As commented in a previous post, this year I planned to do some research and to read on the Italian Campaign during the Second World War. I firstly reviewed James Holland's Sicily 1943 book and in this post I'll do the same with a second book:
Roy Rick Atkinson's The Day of Battle.
The book is part two of The Liberation Trilogy covering the Western Front campaigns: Torch and Tunisia in 1942/43, the Italian front 1943-44; and the Normandy campaign until the final surrender in May 45.
The Day of Battle focuses on Sicily and Italy until the fall of Rome. Therefore it covers Operation Husky, Salerno, Montecassino, Rome and the battles to break the different German defensive lines across the south half of the Italic Peninsula.
The campaign had a promising start with the Sicily invasion (Operation Husky) as described in a previous blog post commenting James Holland's book.
However, the following operations were mired with a lot of problems, including the differing strategic views of the main Allied partners about where to start the conquest of Continental Europe (the Americans were committed to a full effort in France, the British to the Mediterranean). This differeing views resulted in total a lack of clarity of the main objectives and golas for the Allied forces arriving to Italy's continental soil.
Add to this an ill-planned landing operation at Salerno (operation Avalanche in September 1943) in which the Allied army was in the verge of being defeated and to cnduct a potentially catastrophic reembarking operation; the great defending opportunities offered to the Germans by the terrain (numerous river lines, mountainous landscape unsuitable for amour), lack of good metalled roads (or just lack of roads) and finally the terrible weather from October onwards.
The Allied forces in Italy were also continously shrinked, as many divisions were transfered to England for Overlord (initially planned for April/May 44) in addition to the natural manpower wastage caused by the campaign and the weather.
At the end of the day, the Germans fought a series of successful delaying actions, retreating from one fortified line to another, using the rivers crossing east-west and finally consolidating an d area in the north of Italy, occupied until the German surrender in May 1945.
The Day of Battle is another thick 850 pages book of the trilogy. It covers the period between the end of the Tunis Campaign, Husky and then all the way to the liberation of Rome.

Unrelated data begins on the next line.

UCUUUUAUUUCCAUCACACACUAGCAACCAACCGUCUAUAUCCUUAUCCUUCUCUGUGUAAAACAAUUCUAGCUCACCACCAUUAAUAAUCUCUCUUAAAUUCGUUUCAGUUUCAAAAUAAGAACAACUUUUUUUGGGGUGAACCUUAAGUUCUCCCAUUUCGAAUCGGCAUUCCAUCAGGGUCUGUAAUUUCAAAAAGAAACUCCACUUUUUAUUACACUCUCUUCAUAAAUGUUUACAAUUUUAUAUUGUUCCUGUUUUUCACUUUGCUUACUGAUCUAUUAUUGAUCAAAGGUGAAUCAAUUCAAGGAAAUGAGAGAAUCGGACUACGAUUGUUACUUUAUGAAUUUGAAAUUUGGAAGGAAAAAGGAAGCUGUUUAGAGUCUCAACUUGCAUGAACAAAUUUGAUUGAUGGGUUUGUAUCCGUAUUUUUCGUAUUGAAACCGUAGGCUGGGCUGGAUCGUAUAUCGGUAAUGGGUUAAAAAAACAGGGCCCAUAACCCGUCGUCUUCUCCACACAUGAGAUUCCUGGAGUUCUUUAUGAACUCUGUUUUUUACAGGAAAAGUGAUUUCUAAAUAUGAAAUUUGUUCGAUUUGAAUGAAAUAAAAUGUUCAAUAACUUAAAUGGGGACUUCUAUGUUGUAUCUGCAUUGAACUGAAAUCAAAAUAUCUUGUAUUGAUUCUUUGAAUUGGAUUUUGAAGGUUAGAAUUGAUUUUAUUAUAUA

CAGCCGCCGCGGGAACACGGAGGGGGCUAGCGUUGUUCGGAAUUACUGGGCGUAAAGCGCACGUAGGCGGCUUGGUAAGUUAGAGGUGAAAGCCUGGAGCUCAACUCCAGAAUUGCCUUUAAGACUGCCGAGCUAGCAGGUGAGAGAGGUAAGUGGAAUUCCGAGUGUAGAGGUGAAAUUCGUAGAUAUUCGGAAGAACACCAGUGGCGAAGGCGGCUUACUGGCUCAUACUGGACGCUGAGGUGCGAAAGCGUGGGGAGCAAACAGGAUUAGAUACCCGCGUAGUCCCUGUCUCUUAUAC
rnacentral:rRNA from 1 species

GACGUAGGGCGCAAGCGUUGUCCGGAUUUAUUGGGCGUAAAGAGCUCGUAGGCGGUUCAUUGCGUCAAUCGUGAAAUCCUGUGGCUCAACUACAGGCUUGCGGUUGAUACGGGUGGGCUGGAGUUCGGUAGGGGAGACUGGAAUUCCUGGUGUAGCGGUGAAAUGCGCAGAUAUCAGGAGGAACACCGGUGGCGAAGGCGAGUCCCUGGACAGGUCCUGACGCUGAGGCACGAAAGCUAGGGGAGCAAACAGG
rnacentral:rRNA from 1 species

But to make the story short, I'll start by the end: I did not like the book and hinestly I cannot recommend it.
For a start, the book could have been 30% (+/-) shorter by just the author being more focused. He spent a lot of space rambling about superflous stories, many times unconnected with the main topic. In addition, he adds all types of small details in the descriptions and instead of making them more realistic and credible, the achieve the opposite: I got bored and many times impatient to know where the author is heading to.
Atkinson also loves gossip, a lot actually: Churchill and Roosevelt meets? You'll learn the detailed menus, where many of the dishes were flown from, the color of the pyjamas used by the British premier, a thorough description of how much Churchill liked to take baths or the amount (and type) of drinks consumed in some these wild parties.
Montgomery crosses the Messina Strait and meets the press? You'll learn that he sipped three coffees with cookies while addressing the journalists. And also that Monty always travelled with his collection of parakeets and canaries in cages.
When describing the operations, Atkinson goes in many places the "James Holland" way: using the personal "voice" of the people involved and from there build up the chapter to describe the actions at a higher altitude. However I thinks he fails in the way he "zooms out" the action, but also in lacking to provide enough good operational detail.
And finally, the book (the electronic version) lacks any maps (!!) I have checked and the printed edition actually DO have maps, so this is negligence on the part of the editor, not the author. In any case this forcved me to navigate continously in Google maps, not the most efficient solution at times specially if reading offline.
In summary, I had a very frustrating experience with this book and the author. I honestly did not enjoyed the reading, skipping significant portions that did not provide any real added value. I did klearn
I'll jump now to James Holland's Italy's Sorrow: A Year of War 1944-45 to cover the final lap of the Italian operations and with this I will conclude my readings on the campaign, at least for the moment.
To note that over the past recent weeks, James Holland has released a few episodes on Italy 1943-44 in his co-hosted podcast channel "We have ways to Make you Talk". It looks like this will be the topic of his his next book; and I guess it will be released by the summer (no later) ready for the annual We Have Ways festival in September, dedicated this year to "1943" a decisive year in the Second World War.